I started experimenting with the idea that eventually became Bowery in 2010. In the process of discovering Bowery, I iterated through three separate attempts at building a business on the exact same idea from 2010 to 2014 before ultimately co-founding Bowery with Irving Fain and David Golden in early 2015.
My role at Bowery historically seems to evolve about every six months, and it’s been an incredible ride. It began with designing, building, and operating the very first proof-of-concept grow system in the basement of our house in Grand Rapids. From there it evolved to designing and building our first large-scale commercial indoor farm to helping to lead the design and engineering of our largest production facility. I love this type of work because of the all the interaction and integration of different competencies. The most recent evolution of my role at Bowery has been focused within systems engineering. I’ve been specializing in automation and robotics for our grow system.
Where did your interest in this kind of company come from and where the idea originated from?
Ever since I was young I’ve always had an interest in starting a company, but I didn’t really have a solid idea of what I wanted to work on until in late 2010. I came across a TED talk called “The Other Inconvenient Truth” given by Dr. Jon Foley. In his talk, Dr. Foley mentions that if we continue to farm the same way we do today, we’re going to run out of arable landmass by the year 2050. The notion of this idea really struck me and stuck with me—I couldn’t shake it. So, I started to think about what solutions could look like to solve this problem and started to look for companies that were working on solving this already because I wanted to work there.
What I found was, at that time, there really wasn’t anyone working on this in the way that I thought the problem could be solved. I figured I could do it myself. So I really became obsessed with learning about food production systems, designing grow systems, and learning to grow. I felt that if agriculture was able to be coupled with technology, software, and fundamental manufacturing principles, then the world could realize a food production system more efficient than humanity has ever seen. I had this ‘A-ha’ moment when I realized I could leverage my experience in the world of automotive manufacturing and apply that to food production. There were a bunch of unoccupied warehouses, and I had originally started thinking about how to create a fully automated indoor food production system. At the time I was in my early 20s, and it was really tough to convince anyone that I was ready to raise the millions of dollars needed to execute on that vision. It would be several years later when I realized that raising money is not my core competency. I needed to find someone who could execute that part of building a business in a way that I knew I wasn’t going to be able to. So I was fortunate to have met Irving Fain, who’s done an incredible job for us as co-founder and CEO.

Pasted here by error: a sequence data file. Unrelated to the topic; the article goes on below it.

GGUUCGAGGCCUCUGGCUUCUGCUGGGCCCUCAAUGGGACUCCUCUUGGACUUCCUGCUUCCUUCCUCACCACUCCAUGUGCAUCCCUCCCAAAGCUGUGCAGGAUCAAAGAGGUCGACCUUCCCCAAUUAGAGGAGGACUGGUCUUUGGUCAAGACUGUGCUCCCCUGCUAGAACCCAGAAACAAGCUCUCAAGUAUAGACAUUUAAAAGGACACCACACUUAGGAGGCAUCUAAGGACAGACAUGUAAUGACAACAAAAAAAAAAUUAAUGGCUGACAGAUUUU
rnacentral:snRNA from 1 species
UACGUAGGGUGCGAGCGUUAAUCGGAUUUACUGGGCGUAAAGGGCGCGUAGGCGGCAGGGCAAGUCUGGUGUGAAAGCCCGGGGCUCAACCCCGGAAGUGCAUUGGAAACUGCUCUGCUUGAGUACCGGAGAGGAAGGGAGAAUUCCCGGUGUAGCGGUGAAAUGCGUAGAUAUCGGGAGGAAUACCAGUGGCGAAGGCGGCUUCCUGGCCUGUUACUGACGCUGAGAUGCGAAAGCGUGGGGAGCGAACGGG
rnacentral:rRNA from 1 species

Bowery received Series B round of financing - what does this mean for the company?
Yes! In December, we announced a $90 million Series B fundraiser, bringing our total funding amount to $117.5 million to-date. As access to safe, fresh food becomes even more critical, Bowery will use these funds to expand our operation quickly and sustainably, to meet the demands of an ever-growing population. We’ll be opening farms in new cities by the end of 2019. We’re going to continue tackling complex agricultural and environmental issues through investing in technology and innovation across the company, maintaining the highest level of food safety, and hiring top talent.
What do envision for the future of Bowery Farming?
I think the most exciting aspect of Bowery stems from the fact, everybody eats. They always have and always will. The core mission of Bowery is to grow food for a better future by revolutionizing agriculture. What we envision is a farm in every major city in the world, and ultimately I foresee us continuing to accelerate the world’s transition to a more sustainable food production system for generations to come, on Earth, and perhaps even beyond.
Anything else you'd like to share?